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Post Info TOPIC: Small arms strikes on armour.


Hero

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Small arms strikes on armour.
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Hi Guys and Gal,

I have often wondered if the results of Small Arms strikes on armour should be modelled in 1/35 scale ? What are your thoughts on this matter.

Paul



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Commander in Chief

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Too small to bother with.

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General

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Paul,

Look at these photos from Groupe AS 3, in Gouy-les-Groseillers, after fights from Bois Sénécat.
https://argonnaute.parisnanterre.fr/Blog-des-collections/p42/Les-albums-Valois-50-000-photographies-de-la-Premiere-Guerre-mondiale-accessibles-en-ligne

Cote: VAL 275/191 - VAL 275/193 - VAL 275/194 - VAL 275/196
Date: 1918-04-01/1918-04-30
Contexte : Fonds des albums Valois - Département de l'Oise - Volume 27 > Gouy-les-Groseillers

These 4 photos, was French miltary photos from Ecpa-D Fort d'Ivry n° SPA 121 R4410 - SPA 121 R4414 - SPA 121 R4418 - SPA 121 R4419.

These photos are not in the best quality on the Fonds Valois, but very good in Fort d'Ivry.
Around each hole from 7,92K, a white round lip of steel.

On an other photo from this serie, a man put a finger inside 13 mm hole. The first plate was perforated, but not the second. This fight was the first, against 13 mm rifle, for the french tanks.

Bonne journée - Michel



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Lieutenant

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That's a difficult one. Armour plate of the day was actually quite brittle, so penetrating strikes will most likely leave jagged holes rather than neat round ones. Ball rounds - those with lead cores - would generally not penetrate but would deform against the hardened surface. That would take the paint off and probably leave a lead/copper smear. If the strike was on a plate join the bullet might end up jammed in the join.

The MkII at Bovington still has evidence of various projectile strikes, although the vehicle has been repainted more than once since they were inflicted. However, that is a mild steel tank so the damage patterns will not be the same as with armour plate.

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Peter Smith


Legend

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The A7V #506 Mephisto sat on or close to the front line from April to July 1918 and is peppered with small arms strikes especially on the left side.

Aside from a couple of dents from larger projectiles (possibly 37mm) you have to get close to the tank to notice the strike marks.  None of the

small arms strikes on Mephisto are penetrating - which is also a finding noted from firing tests with 8mm rounds on the armour plate from #542 Elfriede.

My understanding of armour plate in WW1 was that it was based on the principles of naval armour - a hardened outer layer which shattered a projectile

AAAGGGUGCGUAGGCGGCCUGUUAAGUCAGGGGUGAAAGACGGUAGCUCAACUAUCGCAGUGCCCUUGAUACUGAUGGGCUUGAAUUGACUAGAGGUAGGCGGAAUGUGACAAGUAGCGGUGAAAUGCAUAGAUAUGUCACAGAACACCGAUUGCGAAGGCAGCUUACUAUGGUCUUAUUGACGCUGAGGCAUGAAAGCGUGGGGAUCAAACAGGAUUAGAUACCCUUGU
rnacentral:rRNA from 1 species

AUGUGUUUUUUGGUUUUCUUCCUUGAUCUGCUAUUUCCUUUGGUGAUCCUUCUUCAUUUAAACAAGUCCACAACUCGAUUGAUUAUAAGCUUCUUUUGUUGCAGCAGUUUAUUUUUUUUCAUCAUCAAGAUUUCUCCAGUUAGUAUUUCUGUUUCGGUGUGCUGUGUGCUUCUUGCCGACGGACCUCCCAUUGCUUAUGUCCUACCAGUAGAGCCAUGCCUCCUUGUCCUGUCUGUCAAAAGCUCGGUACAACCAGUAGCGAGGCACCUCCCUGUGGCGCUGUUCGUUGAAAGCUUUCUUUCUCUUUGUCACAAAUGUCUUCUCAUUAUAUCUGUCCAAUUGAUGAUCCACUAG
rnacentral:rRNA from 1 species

on impact and the bulk of the plate was more malleable and deformed to absorb the impact energy.  

Regards,

Charlie

 



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Charlie, your understanding is correct. Most commonly now called face hardening, although in the past it has gone under other names such as Krupp and Vickers Cemented Armour and Harvey Armour.

Face hardening means and does what it says: one side of a plate or casting is hardened by long heating at high temperature in contact with a carbon-bearing material such as charcoal. The whole plate or piece is heated but only 1 side has the carboniferous substance applied. This is called the Striking Face. The back face remains tough and elastic. But in very thin plates as used in WW1 the whole plate could become brittle. It worked better on thicker plates such as used on warships and later on tanks.

Cemented Armour also means what it says, but no-one understands it, and it has nothing to do with concrete!! Cementing refers to the absorption of carbon into the striking face, which is fundamental to the hardening process. The idea has been around since about the middle of the 19th century. German armour plate was, for the same thickness, generally better than British (Britain was still buying Austrian-made plate for tanks up until the Anschluss in 1938). And during WW1 we needed a lot of it quickly, so much so that its production and distribution for tank production was placed under centralised control. Production may have been rushed.

So yes, a small arms ball round strike on WW1-vintage face-hardened plate will most likely not cause any noticeable physical damage in model scale apart from paintwork. Copper and lead are softer than hardened steel. Shell fragments could cause dents or (jagged) penetrations depending on shell size and detonation distance. Steel shrapnel balls might cause dinks or possibly even penetrate: lead ones would just take the paint off again. "K" AP rounds would make slightly indented round holes, potentially a jagged hole with the larger rounds from the T-Gewehr. Thinking of Mephisto, Allied forces did not have any AP SAA - why would they - so the damage observed would all be standard copper and lead ball rounds.

A post above mentions a silvery lip around K round penetrations. K rounds and T-Gewehr rounds were steel-cored, not solid steel. The front 3/4 was copper-jacketed but the rear 1/4 recessed inside the cartridge case was bare steel. So the silvery lip is almost certainly the melted copper jacket deposited around the hole as the steel core penetrated. Some parts of FTs were relatively thick castings, which would have behaved differently to strikes than plate.

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Peter Smith
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